Ambient fine particulate matter disrupts hepatic circadian oscillation and lipid metabolism in a mouse model

Environ Pollut. 2020 Jul;262:114179. doi: 10.1016/j.envpol.2020.114179. Epub 2020 Feb 28.

Abstract

Emerging evidence has shown that exposure to ambient fine particulate matter (PM2.5) is associated with hepatic lipid accumulation. However, the underlying mechanism is not fully characterized yet. Autonomous circadian clock in the liver plays a fundamental role in maintaining lipid metabolism homeostasis. In this study, we evaluated the effects of ambient PM2.5 exposure on the expression of hepatic circadian clock genes and expression rhythm of genes associated with lipid metabolism in mice liver. Male C57BL/6 mice were randomly assigned to ambient PM2.5 or filtered air for 10 weeks via a whole body exposure system. We found that the liver mass was reduced significantly at zeitgeber time (ZT) 8 in mice exposed to PM2.5 but not levels or circadian rhythm of hepatic triglycerides or free fatty acid (FFA). In addition, exposure to PM2.5 led to enhanced expression of bmal1 at ZT0/24, cry1 at ZT16 and rev-erbα at ZT4 and ZT8. Furthermore, the expression of pparα was enhanced in mice liver at ZT4 and ZT8 after PM2.5 exposure, with upregulation of pparα-mediated genes responsible for fatty acid transport and oxidation. Finally, the expression of rate-limiting enzymes for lipid synthesis was all significantly increased in the liver of PM2.5 exposed mice at ZT12. Therefore, the present study provides new perspectives for revealing the etiology of hepatic lipid metabolism abnormality from PM2.5-induced circadian rhythm disorder.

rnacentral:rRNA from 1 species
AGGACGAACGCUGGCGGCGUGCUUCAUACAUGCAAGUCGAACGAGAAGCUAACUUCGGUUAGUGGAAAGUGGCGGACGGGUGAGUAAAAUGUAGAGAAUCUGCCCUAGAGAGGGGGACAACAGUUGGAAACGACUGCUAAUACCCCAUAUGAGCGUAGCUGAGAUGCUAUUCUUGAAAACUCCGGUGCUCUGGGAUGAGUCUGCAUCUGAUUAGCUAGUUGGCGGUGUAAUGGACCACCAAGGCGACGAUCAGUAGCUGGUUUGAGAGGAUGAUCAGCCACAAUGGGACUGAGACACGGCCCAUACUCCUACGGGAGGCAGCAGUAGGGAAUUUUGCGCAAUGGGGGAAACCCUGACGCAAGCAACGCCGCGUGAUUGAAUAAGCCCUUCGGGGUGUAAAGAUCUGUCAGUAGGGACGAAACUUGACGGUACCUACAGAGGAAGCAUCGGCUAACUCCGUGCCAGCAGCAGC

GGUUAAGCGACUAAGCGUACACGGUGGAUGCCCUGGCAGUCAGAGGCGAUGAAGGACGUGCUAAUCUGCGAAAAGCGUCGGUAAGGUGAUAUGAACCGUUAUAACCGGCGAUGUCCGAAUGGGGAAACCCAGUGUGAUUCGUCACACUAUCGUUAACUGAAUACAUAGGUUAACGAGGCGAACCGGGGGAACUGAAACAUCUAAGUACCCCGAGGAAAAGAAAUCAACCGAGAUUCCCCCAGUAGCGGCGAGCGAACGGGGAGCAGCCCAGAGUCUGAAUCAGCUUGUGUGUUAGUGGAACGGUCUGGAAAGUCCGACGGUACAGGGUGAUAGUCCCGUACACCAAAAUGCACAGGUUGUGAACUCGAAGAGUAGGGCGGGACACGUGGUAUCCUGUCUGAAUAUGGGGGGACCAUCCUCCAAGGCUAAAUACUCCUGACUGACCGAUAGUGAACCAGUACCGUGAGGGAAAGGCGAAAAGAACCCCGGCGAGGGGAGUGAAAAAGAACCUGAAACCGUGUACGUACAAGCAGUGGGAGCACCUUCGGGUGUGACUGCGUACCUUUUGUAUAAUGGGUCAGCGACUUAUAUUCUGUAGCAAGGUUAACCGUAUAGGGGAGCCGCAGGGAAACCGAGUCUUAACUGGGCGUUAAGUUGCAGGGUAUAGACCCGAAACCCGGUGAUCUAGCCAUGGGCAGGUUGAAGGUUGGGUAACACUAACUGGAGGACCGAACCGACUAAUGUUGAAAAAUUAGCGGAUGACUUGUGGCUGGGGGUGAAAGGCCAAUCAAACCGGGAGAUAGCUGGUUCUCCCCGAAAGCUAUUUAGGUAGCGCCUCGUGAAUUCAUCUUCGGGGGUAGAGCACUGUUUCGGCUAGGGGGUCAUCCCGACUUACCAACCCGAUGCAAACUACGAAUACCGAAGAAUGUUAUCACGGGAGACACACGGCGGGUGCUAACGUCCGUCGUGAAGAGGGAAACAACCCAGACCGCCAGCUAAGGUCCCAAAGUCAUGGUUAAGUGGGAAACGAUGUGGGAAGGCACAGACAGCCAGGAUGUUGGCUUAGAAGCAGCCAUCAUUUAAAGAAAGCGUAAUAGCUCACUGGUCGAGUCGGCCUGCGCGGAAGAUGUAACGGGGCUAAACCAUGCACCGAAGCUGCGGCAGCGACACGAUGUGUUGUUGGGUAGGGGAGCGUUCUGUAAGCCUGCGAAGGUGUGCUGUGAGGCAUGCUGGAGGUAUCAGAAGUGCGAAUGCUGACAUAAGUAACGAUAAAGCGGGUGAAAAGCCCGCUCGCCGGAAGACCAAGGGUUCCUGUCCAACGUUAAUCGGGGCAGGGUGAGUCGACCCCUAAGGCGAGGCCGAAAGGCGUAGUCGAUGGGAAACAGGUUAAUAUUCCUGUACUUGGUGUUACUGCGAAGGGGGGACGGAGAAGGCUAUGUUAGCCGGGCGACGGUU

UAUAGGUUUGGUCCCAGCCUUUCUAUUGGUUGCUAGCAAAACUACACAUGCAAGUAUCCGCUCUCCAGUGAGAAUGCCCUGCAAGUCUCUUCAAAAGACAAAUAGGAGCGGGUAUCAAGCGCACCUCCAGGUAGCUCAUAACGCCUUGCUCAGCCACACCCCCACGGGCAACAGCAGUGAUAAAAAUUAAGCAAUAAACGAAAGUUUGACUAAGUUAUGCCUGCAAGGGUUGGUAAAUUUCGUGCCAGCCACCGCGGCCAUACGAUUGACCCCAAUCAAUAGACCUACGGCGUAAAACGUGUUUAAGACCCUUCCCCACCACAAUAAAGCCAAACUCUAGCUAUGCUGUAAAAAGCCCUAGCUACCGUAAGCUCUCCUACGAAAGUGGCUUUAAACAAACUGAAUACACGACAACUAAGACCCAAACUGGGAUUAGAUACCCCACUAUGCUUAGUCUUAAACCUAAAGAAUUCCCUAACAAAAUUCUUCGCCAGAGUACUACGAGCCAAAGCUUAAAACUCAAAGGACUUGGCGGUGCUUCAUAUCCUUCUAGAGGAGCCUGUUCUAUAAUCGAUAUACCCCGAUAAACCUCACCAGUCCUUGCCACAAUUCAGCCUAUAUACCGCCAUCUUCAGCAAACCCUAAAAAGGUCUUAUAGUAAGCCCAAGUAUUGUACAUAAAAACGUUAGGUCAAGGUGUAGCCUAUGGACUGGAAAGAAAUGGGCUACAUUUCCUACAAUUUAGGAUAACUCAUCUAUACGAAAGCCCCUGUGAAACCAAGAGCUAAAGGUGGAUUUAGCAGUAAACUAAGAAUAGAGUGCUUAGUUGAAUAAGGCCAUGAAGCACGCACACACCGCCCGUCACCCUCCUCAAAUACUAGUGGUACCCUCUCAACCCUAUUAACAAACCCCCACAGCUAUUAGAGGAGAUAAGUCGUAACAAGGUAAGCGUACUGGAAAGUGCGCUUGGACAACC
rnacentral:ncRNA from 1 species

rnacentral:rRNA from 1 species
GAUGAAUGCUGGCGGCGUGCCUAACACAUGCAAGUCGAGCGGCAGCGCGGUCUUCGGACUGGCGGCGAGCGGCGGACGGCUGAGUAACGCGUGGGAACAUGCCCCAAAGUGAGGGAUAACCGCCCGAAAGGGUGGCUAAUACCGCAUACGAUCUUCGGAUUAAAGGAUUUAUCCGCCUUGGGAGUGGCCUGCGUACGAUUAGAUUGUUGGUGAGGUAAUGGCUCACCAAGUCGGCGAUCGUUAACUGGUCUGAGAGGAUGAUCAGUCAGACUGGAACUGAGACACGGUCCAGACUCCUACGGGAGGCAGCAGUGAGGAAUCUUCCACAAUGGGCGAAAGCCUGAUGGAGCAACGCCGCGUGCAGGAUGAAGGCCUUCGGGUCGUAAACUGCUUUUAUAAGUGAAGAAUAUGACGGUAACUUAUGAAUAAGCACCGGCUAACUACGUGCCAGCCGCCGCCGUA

Keywords: Air pollution; Ambient fine particulate matter; Circadian rhythm; Lipid metabolism; Liver.

MeSH terms

  • Animals
  • Circadian Clocks*
  • Circadian Rhythm
  • Lipid Metabolism
  • Liver
  • Male
  • Mice
  • Mice, Inbred C57BL
  • Particulate Matter*

Substances

  • Particulate Matter